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- Publié sur Amazon.com
I found it rather whitewashed and incomplete. I'm a big fan of Jay Early's work, but rather disappointed in this book. Overall, it gave some good headway, points, and insights. There is an online workbook, I found it difficult to locate, and required a fee to enroll and use when I tried to connect via computer. The kindle does connect but it was cumbersome to use. Nonetheless, the workbook served no more than a focal of ideas/realizations, or as an online journal, so rather needless overall.
In regards to the whitewashing, and incomplete nature, it mainly addressed situations where most everyone was readily receptive to the character, Lauren. One person less than receptive eventually embraced this empowered character with some due diligence on Lauren's part. It was very easy, as it can be when dealing with "normal" or "functional" people. But coming from a large, extended, dysfunctional family, I found a huge section on what to do missing, when say for example, a family member not only rejects any form of assertiveness but reacts with hostility or even physical violence. It also neglected to mention how dangerous it can be for a person to assert themselves, especially in the beginning, to an abusive family member, and to first find a public area, a safe distance to assert oneself over the phone or something similar. How does one tread the minefield of disordered family members whilst walking the path of self Assertion(most probably without the support of others deep in the mire of dysfunction)?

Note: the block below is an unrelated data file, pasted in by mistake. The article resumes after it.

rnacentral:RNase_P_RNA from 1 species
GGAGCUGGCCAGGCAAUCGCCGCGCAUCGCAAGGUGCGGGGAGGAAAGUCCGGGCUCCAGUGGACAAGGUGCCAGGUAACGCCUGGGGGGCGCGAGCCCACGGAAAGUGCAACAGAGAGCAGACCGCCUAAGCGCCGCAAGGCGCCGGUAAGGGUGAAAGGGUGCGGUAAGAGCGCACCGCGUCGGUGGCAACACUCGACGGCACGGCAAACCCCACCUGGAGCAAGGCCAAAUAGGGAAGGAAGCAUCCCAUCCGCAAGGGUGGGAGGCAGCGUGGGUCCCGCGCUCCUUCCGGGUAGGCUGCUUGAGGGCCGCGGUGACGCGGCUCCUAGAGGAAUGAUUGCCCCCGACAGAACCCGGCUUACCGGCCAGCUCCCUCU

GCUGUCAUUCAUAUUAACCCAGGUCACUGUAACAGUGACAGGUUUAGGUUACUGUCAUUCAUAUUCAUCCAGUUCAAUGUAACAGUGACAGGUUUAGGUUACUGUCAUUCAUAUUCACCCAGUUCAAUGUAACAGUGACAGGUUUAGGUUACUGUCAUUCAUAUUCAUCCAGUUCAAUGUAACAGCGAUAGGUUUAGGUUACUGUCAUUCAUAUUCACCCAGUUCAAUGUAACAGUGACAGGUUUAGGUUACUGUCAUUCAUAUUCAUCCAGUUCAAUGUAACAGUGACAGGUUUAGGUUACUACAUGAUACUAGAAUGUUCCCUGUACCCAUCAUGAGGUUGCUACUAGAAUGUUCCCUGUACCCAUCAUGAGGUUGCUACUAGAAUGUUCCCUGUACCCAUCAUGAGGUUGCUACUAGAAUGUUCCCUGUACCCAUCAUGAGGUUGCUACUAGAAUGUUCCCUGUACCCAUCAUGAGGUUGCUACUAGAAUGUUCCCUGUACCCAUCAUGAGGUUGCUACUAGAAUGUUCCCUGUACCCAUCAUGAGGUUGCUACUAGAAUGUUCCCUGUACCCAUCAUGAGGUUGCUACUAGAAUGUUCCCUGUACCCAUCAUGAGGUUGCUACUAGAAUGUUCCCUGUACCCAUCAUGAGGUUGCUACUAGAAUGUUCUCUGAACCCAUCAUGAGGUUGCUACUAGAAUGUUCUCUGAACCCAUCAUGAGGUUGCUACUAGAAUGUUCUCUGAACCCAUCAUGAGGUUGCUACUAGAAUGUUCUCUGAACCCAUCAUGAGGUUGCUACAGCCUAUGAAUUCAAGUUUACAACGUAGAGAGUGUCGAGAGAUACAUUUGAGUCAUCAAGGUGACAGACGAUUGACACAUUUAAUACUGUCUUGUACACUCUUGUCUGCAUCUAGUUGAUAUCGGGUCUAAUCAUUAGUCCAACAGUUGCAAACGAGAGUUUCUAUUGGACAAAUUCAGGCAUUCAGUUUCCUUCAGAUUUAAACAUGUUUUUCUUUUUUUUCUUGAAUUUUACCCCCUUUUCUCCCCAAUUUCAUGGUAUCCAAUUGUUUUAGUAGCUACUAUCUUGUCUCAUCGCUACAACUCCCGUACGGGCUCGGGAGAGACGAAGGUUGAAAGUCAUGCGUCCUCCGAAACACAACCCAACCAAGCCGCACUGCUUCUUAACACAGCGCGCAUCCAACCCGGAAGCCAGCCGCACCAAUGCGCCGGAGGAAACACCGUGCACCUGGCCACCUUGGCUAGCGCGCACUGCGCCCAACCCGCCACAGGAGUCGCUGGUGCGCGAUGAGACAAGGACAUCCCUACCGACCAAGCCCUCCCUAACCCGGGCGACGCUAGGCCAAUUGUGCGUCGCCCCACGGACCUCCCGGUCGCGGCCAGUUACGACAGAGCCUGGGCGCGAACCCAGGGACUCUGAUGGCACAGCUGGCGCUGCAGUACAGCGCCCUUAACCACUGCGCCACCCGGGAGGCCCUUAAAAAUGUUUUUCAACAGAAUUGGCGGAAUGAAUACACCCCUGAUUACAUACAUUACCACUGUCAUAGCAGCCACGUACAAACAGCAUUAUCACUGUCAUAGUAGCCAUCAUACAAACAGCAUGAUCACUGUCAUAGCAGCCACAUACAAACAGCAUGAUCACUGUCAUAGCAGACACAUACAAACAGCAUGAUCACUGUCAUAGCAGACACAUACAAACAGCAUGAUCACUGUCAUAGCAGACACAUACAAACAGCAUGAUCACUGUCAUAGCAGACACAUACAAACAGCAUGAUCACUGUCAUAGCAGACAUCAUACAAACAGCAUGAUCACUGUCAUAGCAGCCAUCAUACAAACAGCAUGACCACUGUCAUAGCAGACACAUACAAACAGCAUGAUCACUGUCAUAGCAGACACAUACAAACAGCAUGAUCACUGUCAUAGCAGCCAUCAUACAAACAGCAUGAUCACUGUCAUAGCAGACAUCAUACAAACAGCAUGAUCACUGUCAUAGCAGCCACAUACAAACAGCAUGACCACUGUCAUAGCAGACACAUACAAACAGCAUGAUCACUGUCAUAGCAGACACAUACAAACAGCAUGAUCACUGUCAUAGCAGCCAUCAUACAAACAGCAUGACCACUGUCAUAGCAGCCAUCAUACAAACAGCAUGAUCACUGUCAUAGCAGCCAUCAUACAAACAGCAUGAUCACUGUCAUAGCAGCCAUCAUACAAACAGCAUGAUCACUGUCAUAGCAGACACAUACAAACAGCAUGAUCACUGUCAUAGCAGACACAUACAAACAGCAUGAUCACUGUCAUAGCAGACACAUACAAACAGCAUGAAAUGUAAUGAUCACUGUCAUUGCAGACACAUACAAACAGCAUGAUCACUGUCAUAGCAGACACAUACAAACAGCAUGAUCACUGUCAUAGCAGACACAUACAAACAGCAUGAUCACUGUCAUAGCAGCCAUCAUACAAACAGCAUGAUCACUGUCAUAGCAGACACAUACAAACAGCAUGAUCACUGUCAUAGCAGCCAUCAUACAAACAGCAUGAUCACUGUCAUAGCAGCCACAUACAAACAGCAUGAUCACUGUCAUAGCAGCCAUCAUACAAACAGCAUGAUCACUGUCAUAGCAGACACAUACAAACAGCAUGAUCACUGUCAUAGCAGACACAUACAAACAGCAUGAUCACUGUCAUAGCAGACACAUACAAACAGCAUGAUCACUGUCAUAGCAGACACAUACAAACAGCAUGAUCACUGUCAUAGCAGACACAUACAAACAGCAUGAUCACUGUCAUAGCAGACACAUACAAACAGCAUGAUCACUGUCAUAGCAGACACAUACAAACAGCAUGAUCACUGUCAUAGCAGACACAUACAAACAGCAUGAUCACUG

So yes, it is possible everything comes out roses, and gumdrops, but what if it doesn't, what then? Maybe throw in some more perspectives, or experiences, for a better balanced or more complete book. Add a little more struggle than what was included, make it a bit more real. Maybe the husband doesn't support the wife, Lauren, in her assertive path, and write how does the character handle the In-laws then. I'm sure Jay Early has experienced a larger spectrum of situations than what he included in this book, how about adding those too. I have people-pleasing friends who could benefit from a broader/inclusive book, but sadly cannot recommend this book to them. Luckily I found a book on a similar subject, that went far beyond this book, addressed things I never even thought of, and even discussed parts about as much if not more than Jay Earley's book. This book resembled more of a pamphlet on People-pleasing in comparison.
I was looking for something deeper, and found wanting. I'm still a fan of his earlier work, but this is by far, not one of his best nor most balanced work.